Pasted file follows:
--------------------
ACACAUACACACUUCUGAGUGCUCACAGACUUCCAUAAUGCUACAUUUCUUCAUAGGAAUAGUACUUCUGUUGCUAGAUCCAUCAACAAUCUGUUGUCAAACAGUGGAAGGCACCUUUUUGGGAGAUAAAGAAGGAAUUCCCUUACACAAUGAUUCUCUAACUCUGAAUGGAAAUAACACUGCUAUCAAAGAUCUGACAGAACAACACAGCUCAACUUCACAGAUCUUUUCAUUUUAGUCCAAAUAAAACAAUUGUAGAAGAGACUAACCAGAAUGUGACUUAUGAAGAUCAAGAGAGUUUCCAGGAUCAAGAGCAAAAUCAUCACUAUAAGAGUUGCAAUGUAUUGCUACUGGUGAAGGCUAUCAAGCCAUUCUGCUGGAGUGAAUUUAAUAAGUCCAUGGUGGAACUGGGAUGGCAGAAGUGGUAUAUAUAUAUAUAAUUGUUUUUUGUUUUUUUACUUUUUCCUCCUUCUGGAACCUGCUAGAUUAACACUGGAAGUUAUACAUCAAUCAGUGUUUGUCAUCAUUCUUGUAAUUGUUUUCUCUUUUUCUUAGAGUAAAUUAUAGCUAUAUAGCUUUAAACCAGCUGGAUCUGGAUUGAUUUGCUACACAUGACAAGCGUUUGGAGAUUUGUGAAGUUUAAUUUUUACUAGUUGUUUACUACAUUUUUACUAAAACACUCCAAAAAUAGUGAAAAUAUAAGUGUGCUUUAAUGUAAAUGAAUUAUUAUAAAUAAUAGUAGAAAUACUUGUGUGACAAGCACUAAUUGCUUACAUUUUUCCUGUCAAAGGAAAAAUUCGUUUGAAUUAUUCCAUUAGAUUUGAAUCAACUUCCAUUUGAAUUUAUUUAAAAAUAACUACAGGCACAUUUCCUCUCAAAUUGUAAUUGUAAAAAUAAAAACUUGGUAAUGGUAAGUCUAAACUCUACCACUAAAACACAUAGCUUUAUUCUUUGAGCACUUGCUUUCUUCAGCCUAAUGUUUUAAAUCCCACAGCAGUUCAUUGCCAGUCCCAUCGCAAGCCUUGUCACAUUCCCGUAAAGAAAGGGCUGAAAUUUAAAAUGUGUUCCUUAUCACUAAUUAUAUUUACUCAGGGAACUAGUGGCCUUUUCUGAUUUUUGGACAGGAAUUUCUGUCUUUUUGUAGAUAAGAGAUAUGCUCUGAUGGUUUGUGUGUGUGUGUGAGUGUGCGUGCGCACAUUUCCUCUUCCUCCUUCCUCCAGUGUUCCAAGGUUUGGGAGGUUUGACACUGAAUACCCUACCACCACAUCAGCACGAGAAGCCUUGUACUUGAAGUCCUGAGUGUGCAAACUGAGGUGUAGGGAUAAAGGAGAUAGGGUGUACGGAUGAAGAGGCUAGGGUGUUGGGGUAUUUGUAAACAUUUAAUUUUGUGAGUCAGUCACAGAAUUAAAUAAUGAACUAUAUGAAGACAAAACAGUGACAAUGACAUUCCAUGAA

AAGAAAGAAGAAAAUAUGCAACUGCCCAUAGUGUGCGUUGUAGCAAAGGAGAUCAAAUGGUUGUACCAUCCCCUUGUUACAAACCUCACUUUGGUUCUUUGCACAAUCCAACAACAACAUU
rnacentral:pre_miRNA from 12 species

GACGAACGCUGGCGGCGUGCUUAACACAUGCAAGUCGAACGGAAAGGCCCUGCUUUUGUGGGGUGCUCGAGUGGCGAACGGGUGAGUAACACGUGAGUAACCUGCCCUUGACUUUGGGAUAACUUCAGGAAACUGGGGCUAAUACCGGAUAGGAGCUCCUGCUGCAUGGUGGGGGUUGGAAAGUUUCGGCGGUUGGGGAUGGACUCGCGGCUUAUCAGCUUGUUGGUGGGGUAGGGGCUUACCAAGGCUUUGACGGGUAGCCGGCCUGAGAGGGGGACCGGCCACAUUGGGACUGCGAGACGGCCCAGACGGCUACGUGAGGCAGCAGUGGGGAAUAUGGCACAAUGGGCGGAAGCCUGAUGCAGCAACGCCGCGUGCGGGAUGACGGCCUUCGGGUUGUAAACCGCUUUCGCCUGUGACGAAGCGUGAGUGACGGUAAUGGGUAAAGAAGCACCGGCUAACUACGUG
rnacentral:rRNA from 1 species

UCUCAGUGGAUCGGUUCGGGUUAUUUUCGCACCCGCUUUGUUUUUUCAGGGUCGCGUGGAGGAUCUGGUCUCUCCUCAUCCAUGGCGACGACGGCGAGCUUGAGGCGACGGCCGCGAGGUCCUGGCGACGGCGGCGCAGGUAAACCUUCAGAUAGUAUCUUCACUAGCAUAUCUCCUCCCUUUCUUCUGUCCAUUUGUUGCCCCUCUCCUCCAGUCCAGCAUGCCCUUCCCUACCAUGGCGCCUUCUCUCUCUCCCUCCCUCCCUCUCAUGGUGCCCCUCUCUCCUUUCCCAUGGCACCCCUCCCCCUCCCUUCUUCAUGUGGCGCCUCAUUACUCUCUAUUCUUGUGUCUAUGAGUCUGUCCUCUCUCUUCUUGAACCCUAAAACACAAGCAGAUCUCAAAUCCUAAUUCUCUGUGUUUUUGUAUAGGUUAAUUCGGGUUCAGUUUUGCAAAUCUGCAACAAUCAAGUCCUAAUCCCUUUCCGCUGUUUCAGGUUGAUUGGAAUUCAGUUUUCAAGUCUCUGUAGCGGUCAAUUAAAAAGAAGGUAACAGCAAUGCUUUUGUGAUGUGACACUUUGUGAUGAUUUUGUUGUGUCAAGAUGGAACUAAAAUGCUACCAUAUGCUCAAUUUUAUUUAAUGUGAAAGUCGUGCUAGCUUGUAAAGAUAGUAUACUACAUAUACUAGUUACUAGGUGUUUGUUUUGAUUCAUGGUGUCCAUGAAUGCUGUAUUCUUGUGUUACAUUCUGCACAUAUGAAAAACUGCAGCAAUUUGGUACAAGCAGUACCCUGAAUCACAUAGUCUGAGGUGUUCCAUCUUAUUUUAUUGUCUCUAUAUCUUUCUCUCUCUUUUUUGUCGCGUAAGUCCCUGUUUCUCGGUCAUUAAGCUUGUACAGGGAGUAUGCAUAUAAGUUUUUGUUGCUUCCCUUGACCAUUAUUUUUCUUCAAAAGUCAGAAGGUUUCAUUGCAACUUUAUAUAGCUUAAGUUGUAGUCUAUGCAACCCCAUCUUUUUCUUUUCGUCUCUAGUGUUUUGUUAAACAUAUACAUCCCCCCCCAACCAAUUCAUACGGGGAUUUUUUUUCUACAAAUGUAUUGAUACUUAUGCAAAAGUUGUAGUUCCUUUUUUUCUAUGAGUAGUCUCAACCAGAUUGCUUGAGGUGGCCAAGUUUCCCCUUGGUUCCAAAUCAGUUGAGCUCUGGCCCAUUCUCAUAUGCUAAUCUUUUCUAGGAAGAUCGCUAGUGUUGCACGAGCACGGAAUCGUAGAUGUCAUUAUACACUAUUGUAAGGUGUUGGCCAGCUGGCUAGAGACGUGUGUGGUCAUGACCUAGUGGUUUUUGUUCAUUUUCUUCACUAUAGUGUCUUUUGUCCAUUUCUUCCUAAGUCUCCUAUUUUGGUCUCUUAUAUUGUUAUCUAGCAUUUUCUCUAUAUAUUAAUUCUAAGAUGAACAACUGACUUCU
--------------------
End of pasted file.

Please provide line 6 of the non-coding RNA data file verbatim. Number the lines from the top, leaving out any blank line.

UCUCAGUGGAUCGGUUCGGGUUAUUUUCGCACCCGCUUUGUUUUUUCAGGGUCGCGUGGAGGAUCUGGUCUCUCCUCAUCCAUGGCGACGACGGCGAGCUUGAGGCGACGGCCGCGAGGUCCUGGCGACGGCGGCGCAGGUAAACCUUCAGAUAGUAUCUUCACUAGCAUAUCUCCUCCCUUUCUUCUGUCCAUUUGUUGCCCCUCUCCUCCAGUCCAGCAUGCCCUUCCCUACCAUGGCGCCUUCUCUCUCUCCCUCCCUCCCUCUCAUGGUGCCCCUCUCUCCUUUCCCAUGGCACCCCUCCCCCUCCCUUCUUCAUGUGGCGCCUCAUUACUCUCUAUUCUUGUGUCUAUGAGUCUGUCCUCUCUCUUCUUGAACCCUAAAACACAAGCAGAUCUCAAAUCCUAAUUCUCUGUGUUUUUGUAUAGGUUAAUUCGGGUUCAGUUUUGCAAAUCUGCAACAAUCAAGUCCUAAUCCCUUUCCGCUGUUUCAGGUUGAUUGGAAUUCAGUUUUCAAGUCUCUGUAGCGGUCAAUUAAAAAGAAGGUAACAGCAAUGCUUUUGUGAUGUGACACUUUGUGAUGAUUUUGUUGUGUCAAGAUGGAACUAAAAUGCUACCAUAUGCUCAAUUUUAUUUAAUGUGAAAGUCGUGCUAGCUUGUAAAGAUAGUAUACUACAUAUACUAGUUACUAGGUGUUUGUUUUGAUUCAUGGUGUCCAUGAAUGCUGUAUUCUUGUGUUACAUUCUGCACAUAUGAAAAACUGCAGCAAUUUGGUACAAGCAGUACCCUGAAUCACAUAGUCUGAGGUGUUCCAUCUUAUUUUAUUGUCUCUAUAUCUUUCUCUCUCUUUUUUGUCGCGUAAGUCCCUGUUUCUCGGUCAUUAAGCUUGUACAGGGAGUAUGCAUAUAAGUUUUUGUUGCUUCCCUUGACCAUUAUUUUUCUUCAAAAGUCAGAAGGUUUCAUUGCAACUUUAUAUAGCUUAAGUUGUAGUCUAUGCAACCCCAUCUUUUUCUUUUCGUCUCUAGUGUUUUGUUAAACAUAUACAUCCCCCCCCAACCAAUUCAUACGGGGAUUUUUUUUCUACAAAUGUAUUGAUACUUAUGCAAAAGUUGUAGUUCCUUUUUUUCUAUGAGUAGUCUCAACCAGAUUGCUUGAGGUGGCCAAGUUUCCCCUUGGUUCCAAAUCAGUUGAGCUCUGGCCCAUUCUCAUAUGCUAAUCUUUUCUAGGAAGAUCGCUAGUGUUGCACGAGCACGGAAUCGUAGAUGUCAUUAUACACUAUUGUAAGGUGUUGGCCAGCUGGCUAGAGACGUGUGUGGUCAUGACCUAGUGGUUUUUGUUCAUUUUCUUCACUAUAGUGUCUUUUGUCCAUUUCUUCCUAAGUCUCCUAUUUUGGUCUCUUAUAUUGUUAUCUAGCAUUUUCUCUAUAUAUUAAUUCUAAGAUGAACAACUGACUUCU